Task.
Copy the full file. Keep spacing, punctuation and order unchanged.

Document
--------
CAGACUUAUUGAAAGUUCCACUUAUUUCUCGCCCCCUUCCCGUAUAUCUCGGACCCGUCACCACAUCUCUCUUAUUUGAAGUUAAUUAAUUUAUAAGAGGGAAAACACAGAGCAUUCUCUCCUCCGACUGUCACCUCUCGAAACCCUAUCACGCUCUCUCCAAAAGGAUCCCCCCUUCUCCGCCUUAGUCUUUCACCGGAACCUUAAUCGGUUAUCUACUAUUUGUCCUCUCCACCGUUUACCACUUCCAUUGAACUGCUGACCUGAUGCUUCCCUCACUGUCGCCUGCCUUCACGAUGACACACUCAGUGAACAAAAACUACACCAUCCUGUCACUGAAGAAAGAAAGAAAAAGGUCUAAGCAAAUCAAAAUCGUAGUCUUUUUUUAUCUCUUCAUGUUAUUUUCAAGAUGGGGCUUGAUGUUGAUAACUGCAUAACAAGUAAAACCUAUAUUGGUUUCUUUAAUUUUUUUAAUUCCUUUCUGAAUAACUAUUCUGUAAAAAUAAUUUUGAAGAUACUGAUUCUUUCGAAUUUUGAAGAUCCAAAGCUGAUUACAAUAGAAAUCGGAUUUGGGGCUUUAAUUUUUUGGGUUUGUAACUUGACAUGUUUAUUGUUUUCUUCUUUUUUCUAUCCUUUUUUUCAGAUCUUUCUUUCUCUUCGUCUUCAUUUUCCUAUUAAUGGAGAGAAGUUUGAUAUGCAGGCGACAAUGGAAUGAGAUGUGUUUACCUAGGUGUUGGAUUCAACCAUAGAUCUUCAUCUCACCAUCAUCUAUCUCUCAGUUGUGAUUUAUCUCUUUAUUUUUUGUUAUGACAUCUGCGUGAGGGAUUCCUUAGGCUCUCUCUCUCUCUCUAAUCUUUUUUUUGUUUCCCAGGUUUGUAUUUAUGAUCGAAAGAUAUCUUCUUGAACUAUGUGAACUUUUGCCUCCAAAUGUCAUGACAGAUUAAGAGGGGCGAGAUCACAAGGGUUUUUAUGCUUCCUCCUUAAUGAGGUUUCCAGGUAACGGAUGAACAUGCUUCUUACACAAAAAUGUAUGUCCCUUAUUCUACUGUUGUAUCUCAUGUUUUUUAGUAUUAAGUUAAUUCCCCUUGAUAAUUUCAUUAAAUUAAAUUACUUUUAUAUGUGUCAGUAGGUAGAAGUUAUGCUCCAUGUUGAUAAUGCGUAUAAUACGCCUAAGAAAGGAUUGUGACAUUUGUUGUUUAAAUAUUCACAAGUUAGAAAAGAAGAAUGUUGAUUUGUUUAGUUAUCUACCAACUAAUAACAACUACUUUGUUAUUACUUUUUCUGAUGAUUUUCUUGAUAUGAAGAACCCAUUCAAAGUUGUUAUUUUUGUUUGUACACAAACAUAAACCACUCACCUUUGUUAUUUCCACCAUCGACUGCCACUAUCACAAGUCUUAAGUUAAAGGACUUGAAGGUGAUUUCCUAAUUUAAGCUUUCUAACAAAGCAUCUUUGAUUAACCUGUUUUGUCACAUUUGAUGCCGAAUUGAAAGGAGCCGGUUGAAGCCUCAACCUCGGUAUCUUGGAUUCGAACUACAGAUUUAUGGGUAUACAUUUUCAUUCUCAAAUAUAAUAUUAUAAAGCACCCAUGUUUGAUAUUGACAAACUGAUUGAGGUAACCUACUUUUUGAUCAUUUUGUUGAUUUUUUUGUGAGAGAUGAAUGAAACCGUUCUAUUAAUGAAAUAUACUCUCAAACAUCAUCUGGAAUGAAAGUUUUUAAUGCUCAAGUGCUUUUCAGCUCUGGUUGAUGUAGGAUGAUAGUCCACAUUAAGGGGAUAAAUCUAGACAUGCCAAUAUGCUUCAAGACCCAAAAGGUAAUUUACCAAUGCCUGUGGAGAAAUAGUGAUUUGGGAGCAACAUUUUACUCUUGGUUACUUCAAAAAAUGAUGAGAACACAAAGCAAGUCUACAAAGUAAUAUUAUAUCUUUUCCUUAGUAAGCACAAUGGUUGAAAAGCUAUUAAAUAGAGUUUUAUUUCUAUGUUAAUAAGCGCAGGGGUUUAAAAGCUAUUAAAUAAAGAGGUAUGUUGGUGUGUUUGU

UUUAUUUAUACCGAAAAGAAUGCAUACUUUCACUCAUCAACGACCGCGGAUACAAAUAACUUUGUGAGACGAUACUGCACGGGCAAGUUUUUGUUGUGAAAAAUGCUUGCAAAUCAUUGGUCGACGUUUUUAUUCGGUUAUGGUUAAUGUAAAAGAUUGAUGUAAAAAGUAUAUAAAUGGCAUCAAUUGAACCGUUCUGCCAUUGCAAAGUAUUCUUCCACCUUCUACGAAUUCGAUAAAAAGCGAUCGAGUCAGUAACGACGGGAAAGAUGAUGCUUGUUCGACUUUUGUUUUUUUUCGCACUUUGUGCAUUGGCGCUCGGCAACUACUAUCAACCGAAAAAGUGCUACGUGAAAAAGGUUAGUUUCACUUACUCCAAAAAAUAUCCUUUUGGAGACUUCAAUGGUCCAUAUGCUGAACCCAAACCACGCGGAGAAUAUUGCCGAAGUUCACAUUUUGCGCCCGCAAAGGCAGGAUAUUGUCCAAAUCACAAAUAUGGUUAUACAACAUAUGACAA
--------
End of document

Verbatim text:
CAGACUUAUUGAAAGUUCCACUUAUUUCUCGCCCCCUUCCCGUAUAUCUCGGACCCGUCACCACAUCUCUCUUAUUUGAAGUUAAUUAAUUUAUAAGAGGGAAAACACAGAGCAUUCUCUCCUCCGACUGUCACCUCUCGAAACCCUAUCACGCUCUCUCCAAAAGGAUCCCCCCUUCUCCGCCUUAGUCUUUCACCGGAACCUUAAUCGGUUAUCUACUAUUUGUCCUCUCCACCGUUUACCACUUCCAUUGAACUGCUGACCUGAUGCUUCCCUCACUGUCGCCUGCCUUCACGAUGACACACUCAGUGAACAAAAACUACACCAUCCUGUCACUGAAGAAAGAAAGAAAAAGGUCUAAGCAAAUCAAAAUCGUAGUCUUUUUUUAUCUCUUCAUGUUAUUUUCAAGAUGGGGCUUGAUGUUGAUAACUGCAUAACAAGUAAAACCUAUAUUGGUUUCUUUAAUUUUUUUAAUUCCUUUCUGAAUAACUAUUCUGUAAAAAUAAUUUUGAAGAUACUGAUUCUUUCGAAUUUUGAAGAUCCAAAGCUGAUUACAAUAGAAAUCGGAUUUGGGGCUUUAAUUUUUUGGGUUUGUAACUUGACAUGUUUAUUGUUUUCUUCUUUUUUCUAUCCUUUUUUUCAGAUCUUUCUUUCUCUUCGUCUUCAUUUUCCUAUUAAUGGAGAGAAGUUUGAUAUGCAGGCGACAAUGGAAUGAGAUGUGUUUACCUAGGUGUUGGAUUCAACCAUAGAUCUUCAUCUCACCAUCAUCUAUCUCUCAGUUGUGAUUUAUCUCUUUAUUUUUUGUUAUGACAUCUGCGUGAGGGAUUCCUUAGGCUCUCUCUCUCUCUCUAAUCUUUUUUUUGUUUCCCAGGUUUGUAUUUAUGAUCGAAAGAUAUCUUCUUGAACUAUGUGAACUUUUGCCUCCAAAUGUCAUGACAGAUUAAGAGGGGCGAGAUCACAAGGGUUUUUAUGCUUCCUCCUUAAUGAGGUUUCCAGGUAACGGAUGAACAUGCUUCUUACACAAAAAUGUAUGUCCCUUAUUCUACUGUUGUAUCUCAUGUUUUUUAGUAUUAAGUUAAUUCCCCUUGAUAAUUUCAUUAAAUUAAAUUACUUUUAUAUGUGUCAGUAGGUAGAAGUUAUGCUCCAUGUUGAUAAUGCGUAUAAUACGCCUAAGAAAGGAUUGUGACAUUUGUUGUUUAAAUAUUCACAAGUUAGAAAAGAAGAAUGUUGAUUUGUUUAGUUAUCUACCAACUAAUAACAACUACUUUGUUAUUACUUUUUCUGAUGAUUUUCUUGAUAUGAAGAACCCAUUCAAAGUUGUUAUUUUUGUUUGUACACAAACAUAAACCACUCACCUUUGUUAUUUCCACCAUCGACUGCCACUAUCACAAGUCUUAAGUUAAAGGACUUGAAGGUGAUUUCCUAAUUUAAGCUUUCUAACAAAGCAUCUUUGAUUAACCUGUUUUGUCACAUUUGAUGCCGAAUUGAAAGGAGCCGGUUGAAGCCUCAACCUCGGUAUCUUGGAUUCGAACUACAGAUUUAUGGGUAUACAUUUUCAUUCUCAAAUAUAAUAUUAUAAAGCACCCAUGUUUGAUAUUGACAAACUGAUUGAGGUAACCUACUUUUUGAUCAUUUUGUUGAUUUUUUUGUGAGAGAUGAAUGAAACCGUUCUAUUAAUGAAAUAUACUCUCAAACAUCAUCUGGAAUGAAAGUUUUUAAUGCUCAAGUGCUUUUCAGCUCUGGUUGAUGUAGGAUGAUAGUCCACAUUAAGGGGAUAAAUCUAGACAUGCCAAUAUGCUUCAAGACCCAAAAGGUAAUUUACCAAUGCCUGUGGAGAAAUAGUGAUUUGGGAGCAACAUUUUACUCUUGGUUACUUCAAAAAAUGAUGAGAACACAAAGCAAGUCUACAAAGUAAUAUUAUAUCUUUUCCUUAGUAAGCACAAUGGUUGAAAAGCUAUUAAAUAGAGUUUUAUUUCUAUGUUAAUAAGCGCAGGGGUUUAAAAGCUAUUAAAUAAAGAGGUAUGUUGGUGUGUUUGU

UUUAUUUAUACCGAAAAGAAUGCAUACUUUCACUCAUCAACGACCGCGGAUACAAAUAACUUUGUGAGACGAUACUGCACGGGCAAGUUUUUGUUGUGAAAAAUGCUUGCAAAUCAUUGGUCGACGUUUUUAUUCGGUUAUGGUUAAUGUAAAAGAUUGAUGUAAAAAGUAUAUAAAUGGCAUCAAUUGAACCGUUCUGCCAUUGCAAAGUAUUCUUCCACCUUCUACGAAUUCGAUAAAAAGCGAUCGAGUCAGUAACGACGGGAAAGAUGAUGCUUGUUCGACUUUUGUUUUUUUUCGCACUUUGUGCAUUGGCGCUCGGCAACUACUAUCAACCGAAAAAGUGCUACGUGAAAAAGGUUAGUUUCACUUACUCCAAAAAAUAUCCUUUUGGAGACUUCAAUGGUCCAUAUGCUGAACCCAAACCACGCGGAGAAUAUUGCCGAAGUUCACAUUUUGCGCCCGCAAAGGCAGGAUAUUGUCCAAAUCACAAAUAUGGUUAUACAACAUAUGACAA